Orange County Public Schools canceled the public hearing planned to discuss a gay children’s book. Parents complained after former Efland-Cheeks Elementary teacher Omar Currie read his third-grade class a story about two princes who fall in love.
Orange County Schools had planned the public hearing for parents and other members of the public to debate whether the book “King and King” should be allowed in school. Currie says he chose to read the book in response to homophobic comments one student made towards another.
“The whole ordeal of me reading the book in class lasted at max 20 minutes, and at no moment did I think that it would have risen to this level of public scrutiny or public interest,” Currie said.
Since Currie read the book, parent complaints have forced Efland-Cheeks to review “King and King” twice. After the administration OK’d the book a second time, one family appealed the decision to Orange County Schools, and the public hearing was scheduled. But Schools spokesman Seth Stephens says the hearing was canceled because the appeal has been withdrawn.
“The appellants have withdrawn their appeals,” Stephens said, “and as such the meeting has been cancelled, the school-level decision stands, and this matter is concluded.”
The matter is concluded—yes—but Currie, who submitted his resignation last week, worries the ordeal may be over only because Currie is no longer teaching in Orange County.
“The family who submitted the appeal was the same family who submitted a personal letter trying to get the school district to actually fire me,” Currie told WHCL.
The appeal was withdrawn within a week after Currie stepped down.
While Currie says he is glad the matter has come to a close, he says he’s disappointed Orange County won’t be forced to take a position.
“They have yet to take a position on the issue,” Currie said, “and they have yet to come to affirm that we do want our teachers in our building keeping students safe by reading literature that affirms diversity. And I think that’s kind of dangerous.”
Currie is in the process of finding another teaching job in the Triangle.
Blake Hodge and Elizabeth Friend also contributed reporting to this story. Our call to the family who made the complaint was not returned.http://chapelboro.com/news/pre-k-12-education/oc-schools-cancels-hearing-on-gay-childrens-book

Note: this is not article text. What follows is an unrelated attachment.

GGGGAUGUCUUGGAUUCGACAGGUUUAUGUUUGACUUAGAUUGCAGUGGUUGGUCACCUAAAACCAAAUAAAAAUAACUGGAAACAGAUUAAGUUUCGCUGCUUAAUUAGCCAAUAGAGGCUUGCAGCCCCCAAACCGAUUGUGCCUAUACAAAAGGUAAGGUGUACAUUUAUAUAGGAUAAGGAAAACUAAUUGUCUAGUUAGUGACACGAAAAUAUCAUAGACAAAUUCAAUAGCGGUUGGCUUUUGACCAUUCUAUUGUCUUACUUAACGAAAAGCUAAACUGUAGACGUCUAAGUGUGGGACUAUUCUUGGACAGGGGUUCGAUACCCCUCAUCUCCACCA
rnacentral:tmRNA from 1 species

CHARLOTTE – Same-sex couples legally married in other states are being encouraged to start registering their documents in North Carolina courthouses.
It’s all part of a new statewide campaign by the Campaign for Southern Equality to draw attention to North Carolina’s ban on gay marriage.
The group says by creating a public record of their relationships, same-sex couples will highlight the reality that they are legally married in the eyes of the federal government, but not North Carolina.
The group’s executive director, the Rev. Jasmine Beach-Ferrara, says registering marriage licenses will create a public record that demonstrates the couples’ love and commitment.
The call comes one week after Buncombe County Register of Deeds Drew Reisinger became one of the first officials in the South to take marriage license applications from same-sex couples.http://chapelboro.com/news/state-government/same-sex-couples-plan-to-register-licenses-in-nc
CHARLOTTE, N.C. (AP) – A national human rights group is holding a news conference in Charlotte to promote the push to protect gays in the workplace.
The Human Rights Campaign says employees can still be fired for sexual orientation or gender identity.
Tuesday’s news conference comes one day before a U.S. Senate committee takes up the Employment Nondiscrimination Act, which would ensure that no one could be fired simply because they’re gay, lesbian, bisexual or transgender.
North Carolina’s two senators are on that committee.
Group president Chad Griffin also is planning to discuss landmark decisions on marriage equality handed down last month by the U.S. Supreme Court.http://chapelboro.com/news/national/human-rights-group-pushes-for-workplace-protection